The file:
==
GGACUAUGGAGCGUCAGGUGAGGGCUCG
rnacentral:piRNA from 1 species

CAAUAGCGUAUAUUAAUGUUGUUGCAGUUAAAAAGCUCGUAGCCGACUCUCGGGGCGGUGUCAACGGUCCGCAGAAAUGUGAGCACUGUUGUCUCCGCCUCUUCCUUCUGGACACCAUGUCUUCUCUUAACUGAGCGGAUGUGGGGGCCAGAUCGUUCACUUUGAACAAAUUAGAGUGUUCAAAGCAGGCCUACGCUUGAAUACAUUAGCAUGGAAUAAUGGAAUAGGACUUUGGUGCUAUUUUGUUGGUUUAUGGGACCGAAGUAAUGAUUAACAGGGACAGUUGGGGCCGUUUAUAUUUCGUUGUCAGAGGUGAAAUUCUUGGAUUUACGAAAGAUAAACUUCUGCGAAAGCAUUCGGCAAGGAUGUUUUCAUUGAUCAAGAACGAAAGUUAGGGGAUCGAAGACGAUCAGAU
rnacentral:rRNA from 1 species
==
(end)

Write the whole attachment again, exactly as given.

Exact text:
GGACUAUGGAGCGUCAGGUGAGGGCUCG
rnacentral:piRNA from 1 species

CAAUAGCGUAUAUUAAUGUUGUUGCAGUUAAAAAGCUCGUAGCCGACUCUCGGGGCGGUGUCAACGGUCCGCAGAAAUGUGAGCACUGUUGUCUCCGCCUCUUCCUUCUGGACACCAUGUCUUCUCUUAACUGAGCGGAUGUGGGGGCCAGAUCGUUCACUUUGAACAAAUUAGAGUGUUCAAAGCAGGCCUACGCUUGAAUACAUUAGCAUGGAAUAAUGGAAUAGGACUUUGGUGCUAUUUUGUUGGUUUAUGGGACCGAAGUAAUGAUUAACAGGGACAGUUGGGGCCGUUUAUAUUUCGUUGUCAGAGGUGAAAUUCUUGGAUUUACGAAAGAUAAACUUCUGCGAAAGCAUUCGGCAAGGAUGUUUUCAUUGAUCAAGAACGAAAGUUAGGGGAUCGAAGACGAUCAGAU
rnacentral:rRNA from 1 species